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John Lindsey keeps things cool (or warm) at W&M

  • 40 years of service
    40 years of service  John Lindsey started working at William & Mary six months after coming home from a Navy deployment in Vietnam.  Photo by Stephen Salpukas
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Did you hear the one about the 800-amp breaker that flew to a concert at William & Mary in a commercial passenger jet?

Or the one about the chill water pump at then-W&M Hall that went out in the 1990s before an important event, and the man who helped take it apart and put it back together seven times over 24 hours to make sure it would work?

It did then, and it still does today.

The source of those two stories is John Lindsey. They’re the kinds of things one is likely to experience if they’ve worked for 40 years in a university’s facilities management department.

Lindsey is among the 240 employees who will be honored today for their service to the university, starting at five years and feted in five-year increments. The other headliner of the group is Roxie Greene, who has spent 50 years in a variety of food-service positions.

W&M News has updated its story on Greene from five years ago. [See Related links]

As for Lindsey, whose job title is “energy systems specialist,” he’s a Williamsburg native who said he remembers as a kid riding his bike down Route 199 when it was nothing but a dirt road. He came to work at W&M not long after serving 10 months on a ship in Vietnam, where he received two medals, the second for being in a combat zone for more than 30 consecutive days.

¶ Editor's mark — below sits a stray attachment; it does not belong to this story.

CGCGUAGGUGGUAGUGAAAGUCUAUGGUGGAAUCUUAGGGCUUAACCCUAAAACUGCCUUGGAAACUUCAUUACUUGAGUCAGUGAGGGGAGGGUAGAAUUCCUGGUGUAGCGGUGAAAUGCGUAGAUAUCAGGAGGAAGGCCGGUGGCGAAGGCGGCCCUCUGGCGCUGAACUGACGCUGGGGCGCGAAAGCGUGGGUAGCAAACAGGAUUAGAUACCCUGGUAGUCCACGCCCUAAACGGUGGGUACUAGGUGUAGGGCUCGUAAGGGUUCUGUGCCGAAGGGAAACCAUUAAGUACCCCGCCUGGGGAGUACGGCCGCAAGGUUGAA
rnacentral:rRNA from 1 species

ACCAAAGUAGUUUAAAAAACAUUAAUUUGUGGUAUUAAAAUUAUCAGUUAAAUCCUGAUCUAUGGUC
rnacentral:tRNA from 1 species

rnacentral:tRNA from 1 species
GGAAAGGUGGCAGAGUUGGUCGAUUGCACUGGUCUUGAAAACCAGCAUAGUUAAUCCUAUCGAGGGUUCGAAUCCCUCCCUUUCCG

He has worked as an HVAC mechanic, leader of an HVAC team and in a couple of supervisory positions. Lindsey said he has witnessed a remarkable transformation of the campus since he first came on board.

“When I first started in the HVAC shop there were three of us, and we took care of the whole campus – ice machines, refrigeration up at the Commons, at the Marketplace, along with all of the animal technology at Millington,” Lindsey said. “But we’ve been converting the campus over to central plants.”

While that has made the job more manageable, the tradeoff has been the sheer exponential expansion of the campus.

“We have a lot more dormitories,” he said. “The Mason School of Business actually has 256 [Variable Air Volume] units in it; that’s quite a few for just one building. The School of Education is relatively new. The Student Recreation Center is new. There’s a new frat complex; we put air conditioning in the common areas of the old frats. Things have changed quite a bit.”

Lindsey said it isn’t the challenge of keeping up with new and ever-changing technology that’s the most satisfying part of his job. It’s the gratitude W&M students – and often their parents – show for the work he does.

“A student will call the office with a problem and they’ll pass it down to us,” Lindsey said. “We’ll take care of it, and we’ll get calls from the students, thanking us. A lot of times, parents will write and say they appreciate the quick response we made to taking care of the matter.”

Back to that story about the concert and the new amp breaker so desperately needed in order for it to take place.

Lindsey said that for some reason, perhaps a clerical snafu, the university wasn’t able to order the part itself. Lindsey phoned a contractor from General Electric, who ordered it.

But the part was housed in California, and only way to get it to Williamsburg in time was to buy an airline ticket for it.

“And for some reason,” Lindsey said, “the breaker literally had to sit in a seat on the plane.”

The contractor drove to Richmond to pick up the item, rushed it back to campus, and it was installed in time for the concert.

While that’s taking the adage that the show must go on to a whole new level, keeping W&M going onward is something Lindsey has helped the university do for 40 years.